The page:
Wednesday, December 28, 2011
This year, we are also enjoying the wild harvest including elk (harvested from the National Forest in Oregon where our daughter lives), venison and turkey from Potter County, wild Alaskan salmon and halibut.
The Christmas tree still stands in the "red room" on the Metzger Farm but this morning, Arthur and I shared coffee and farming plans for 2012. I think it's time to get out the flip chart we bought last year to plan our long visit to Oregon! Part of the plan for 2012 is increased networking and cooperation with other local farmers. Stay tuned for details.
Thursday, December 1, 2011
And if you still need some convincing that organic potatoes are far superior, how about this article titled "7 Foods So Unsafe Even Farmers Won't Eat Them" from PlanetGreen.com
4. Conventionally Grown (Not Organic) Potatoes
The Expert: Jeffrey Moyer, chair of the National Organic Standards Board.
The Reason: Herbicides and pesticides may not be sprayed directly on root vegetables (since they're underground), but they absorb the chemicals through the soil and water. Because potatoes are considered the nation's most popular vegetable, producing a healthy crop is essential to keep up with demand. In order to maintain their health, the article exposes the scary fact that "they're treated with fungicides during the growing season, then sprayed with herbicides to kill off the fibrous vines before harvesting. After they're dug up, the potatoes are treated yet again to prevent them from sprouting." But here's the scary thing, Moyer says that he's talked to potato growers "who say point-blank they would never eat the potatoes they sell. They have separate plots where they grow potatoes for themselves without all the chemicals.
"The Solution: Another no-brainer— Only buy organic potatoes.
Here's the link to the entire article if you're interested. http://planetgreen.discovery.com/food-health/foods-unsafe-doctors-eat.html
Friday, October 28, 2011
I learned about this and other food safety information by completing the Serv-Safe certification course offered by Penn State Cooperative Extension. I have been interested in learning about food safety so that, as farmers who grow vegetables and fruits, we are aware of potential contaminants.
I took the course through the efforts of the Potter County Education Council. If you're not familiar with the Ed Council, take a look at its website (www.pottercountyedcouncil.org) to learn about the many educational opportunities available in our locale.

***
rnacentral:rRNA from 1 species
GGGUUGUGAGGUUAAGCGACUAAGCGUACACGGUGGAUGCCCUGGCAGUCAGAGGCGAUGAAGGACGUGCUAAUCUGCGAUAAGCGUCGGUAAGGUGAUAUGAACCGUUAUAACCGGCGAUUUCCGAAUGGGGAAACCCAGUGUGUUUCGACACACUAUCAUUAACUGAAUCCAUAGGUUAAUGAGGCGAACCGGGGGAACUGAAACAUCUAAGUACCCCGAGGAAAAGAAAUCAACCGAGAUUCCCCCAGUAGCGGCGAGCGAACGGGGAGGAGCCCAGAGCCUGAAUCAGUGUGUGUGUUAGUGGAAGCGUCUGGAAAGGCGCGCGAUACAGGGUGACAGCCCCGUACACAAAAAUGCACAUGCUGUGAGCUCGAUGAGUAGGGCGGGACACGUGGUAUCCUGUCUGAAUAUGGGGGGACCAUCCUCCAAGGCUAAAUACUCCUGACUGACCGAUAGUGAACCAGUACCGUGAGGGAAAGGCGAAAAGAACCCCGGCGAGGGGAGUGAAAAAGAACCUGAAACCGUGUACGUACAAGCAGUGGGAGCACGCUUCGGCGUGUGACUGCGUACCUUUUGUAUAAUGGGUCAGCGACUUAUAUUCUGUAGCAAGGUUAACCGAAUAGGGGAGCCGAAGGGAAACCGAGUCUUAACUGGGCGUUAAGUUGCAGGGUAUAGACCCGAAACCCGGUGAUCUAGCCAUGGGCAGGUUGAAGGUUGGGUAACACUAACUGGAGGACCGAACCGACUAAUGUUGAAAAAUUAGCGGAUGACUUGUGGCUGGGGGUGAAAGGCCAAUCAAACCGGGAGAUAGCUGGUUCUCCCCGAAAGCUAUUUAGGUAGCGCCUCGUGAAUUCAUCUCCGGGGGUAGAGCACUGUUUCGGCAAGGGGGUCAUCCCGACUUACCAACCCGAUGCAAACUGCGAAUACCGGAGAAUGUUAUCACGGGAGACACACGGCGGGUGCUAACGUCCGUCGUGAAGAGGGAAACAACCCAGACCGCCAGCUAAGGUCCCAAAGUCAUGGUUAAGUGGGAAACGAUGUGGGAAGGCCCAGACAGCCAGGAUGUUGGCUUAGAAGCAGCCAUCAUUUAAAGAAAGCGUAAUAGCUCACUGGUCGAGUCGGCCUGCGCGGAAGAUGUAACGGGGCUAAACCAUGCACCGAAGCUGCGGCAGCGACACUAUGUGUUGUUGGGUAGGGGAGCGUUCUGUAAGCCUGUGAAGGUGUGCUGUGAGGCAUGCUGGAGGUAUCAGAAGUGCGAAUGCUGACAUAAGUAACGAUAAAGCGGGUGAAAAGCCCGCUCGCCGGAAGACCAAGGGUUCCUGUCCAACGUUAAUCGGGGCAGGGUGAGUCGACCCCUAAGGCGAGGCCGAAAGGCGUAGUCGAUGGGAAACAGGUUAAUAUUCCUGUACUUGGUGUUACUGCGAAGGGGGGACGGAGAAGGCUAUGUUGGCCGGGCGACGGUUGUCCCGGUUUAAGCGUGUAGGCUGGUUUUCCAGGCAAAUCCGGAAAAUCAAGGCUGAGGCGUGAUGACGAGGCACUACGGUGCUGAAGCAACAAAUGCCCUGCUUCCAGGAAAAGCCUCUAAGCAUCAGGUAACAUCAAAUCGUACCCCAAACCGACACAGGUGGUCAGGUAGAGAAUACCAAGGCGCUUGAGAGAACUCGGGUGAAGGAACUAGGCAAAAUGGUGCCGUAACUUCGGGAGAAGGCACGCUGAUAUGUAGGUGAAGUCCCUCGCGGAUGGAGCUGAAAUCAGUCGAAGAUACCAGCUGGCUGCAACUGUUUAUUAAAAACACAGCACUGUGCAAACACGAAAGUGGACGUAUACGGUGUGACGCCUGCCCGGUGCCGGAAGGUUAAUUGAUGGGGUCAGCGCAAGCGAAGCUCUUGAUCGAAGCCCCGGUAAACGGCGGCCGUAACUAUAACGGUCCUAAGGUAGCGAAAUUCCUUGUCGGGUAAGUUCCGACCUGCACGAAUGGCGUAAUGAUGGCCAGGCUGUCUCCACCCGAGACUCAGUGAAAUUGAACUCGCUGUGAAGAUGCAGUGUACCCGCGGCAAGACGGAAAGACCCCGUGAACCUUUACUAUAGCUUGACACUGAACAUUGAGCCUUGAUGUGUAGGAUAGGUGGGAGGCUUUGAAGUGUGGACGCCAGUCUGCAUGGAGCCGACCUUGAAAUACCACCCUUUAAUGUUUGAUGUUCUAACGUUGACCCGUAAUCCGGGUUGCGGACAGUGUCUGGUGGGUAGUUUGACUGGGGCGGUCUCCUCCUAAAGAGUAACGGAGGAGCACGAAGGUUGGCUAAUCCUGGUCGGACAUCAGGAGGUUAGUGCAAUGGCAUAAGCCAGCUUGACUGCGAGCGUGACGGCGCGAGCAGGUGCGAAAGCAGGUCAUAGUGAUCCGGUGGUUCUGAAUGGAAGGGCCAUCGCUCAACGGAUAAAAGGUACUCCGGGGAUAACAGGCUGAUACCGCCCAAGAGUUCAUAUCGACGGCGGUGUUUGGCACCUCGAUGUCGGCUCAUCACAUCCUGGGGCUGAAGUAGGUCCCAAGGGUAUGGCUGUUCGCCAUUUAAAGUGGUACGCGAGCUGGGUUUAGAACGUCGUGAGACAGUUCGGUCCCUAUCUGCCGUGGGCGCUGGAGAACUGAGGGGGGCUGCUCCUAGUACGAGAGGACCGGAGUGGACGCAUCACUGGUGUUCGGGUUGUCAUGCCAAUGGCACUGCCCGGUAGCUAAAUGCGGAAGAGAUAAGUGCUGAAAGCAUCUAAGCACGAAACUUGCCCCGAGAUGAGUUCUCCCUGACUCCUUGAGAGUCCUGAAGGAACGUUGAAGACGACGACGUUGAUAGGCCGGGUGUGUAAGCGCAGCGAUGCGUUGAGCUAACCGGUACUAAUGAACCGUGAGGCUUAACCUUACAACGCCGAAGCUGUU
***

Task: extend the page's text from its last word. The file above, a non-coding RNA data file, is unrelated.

Speaking of the Ed Council, the course instructor suggested that we also investigate GAPs (Good Agricultural Practices) training. He would offer the four-hour course through the Ed Council if ten folks showed interest.
Saturday, October 22, 2011
Even I have to acknowledge that summer is long gone! Having been away for most of September, I was kind of pretending that time had stood still while I was gone and I would come back to tomatoes still growing on the vine, sweet corn on the stalk and fresh basil in the garden. Alas, it was just a daydream. We're working furiously to get all the potatoes harvested. Our new (old) one-row potato picker, purchased at auction from the Amish community here in Potter County, has met with limited success and the persistent rain (where were you last summer when we needed you?) hasn't helped much.
I still have carrots (planted late in the season) and shallots in the ground and will hold off on harvesting them until a real freeze is imminent. I should have quantities available for sale.
We made a small batch of apple cider on Sunday using our Northern Spy apples combined with Yellow Delicious. It is superb! More about apples and cider in future posts.
Tuesday, October 18, 2011
Friday, September 16, 2011
This is the third year we've grown soybeans in the garden. The first year I orded a packet of seed and at harvest allowed them to dry to save for seed. Last year the plan was to harvest them to be used as edamame. (If you're not familiar with edamame, check out the simple recipe below. They're an amazing and nutritious treat!) They were lovely and almost ready to pick and then the next morning they were gone -- thanks to some foraging deer.
This year we tried again. There were several long rows with beautiful healthy plants just loaded with bean pods. Arthur and Joe, hearing the weather report calling for frost, pulled most of the loaded soybean vines last evening. It's a bountiful harvest and we'd love to share with you! Shoot us an e-mail or call to let us know what you'd like.
EDAMAME are sweet young soybeans which make great hors d'oeuvres. They are packed with protein and fun to eat. The slightly fuzzy green pods tickle your lips as you suck the beans into your mouth. Provide bowls for the empty pods.
Here's how to prepare them:
Boil edamame 2-4 minutes. Drain and sprinkle with Kosher salt. Use fingers or teeth to squeeze edamame out of shell and eat. Don’t eat shells!
P.S. Eat some before putting down on table or you want get any!
Saturday, September 3, 2011
Thursday, August 25, 2011
The Olga Cafe and Bistro in Coudersport has also featured our potatoes in soup and salad this year.
We're working on plans to offer our 22 varieties of organic potatoes for sale through Genesee Natural Foods, both at their store in Genesee and through their distribution network that reaches natural food stores in the northeast.
Saturday, August 20, 2011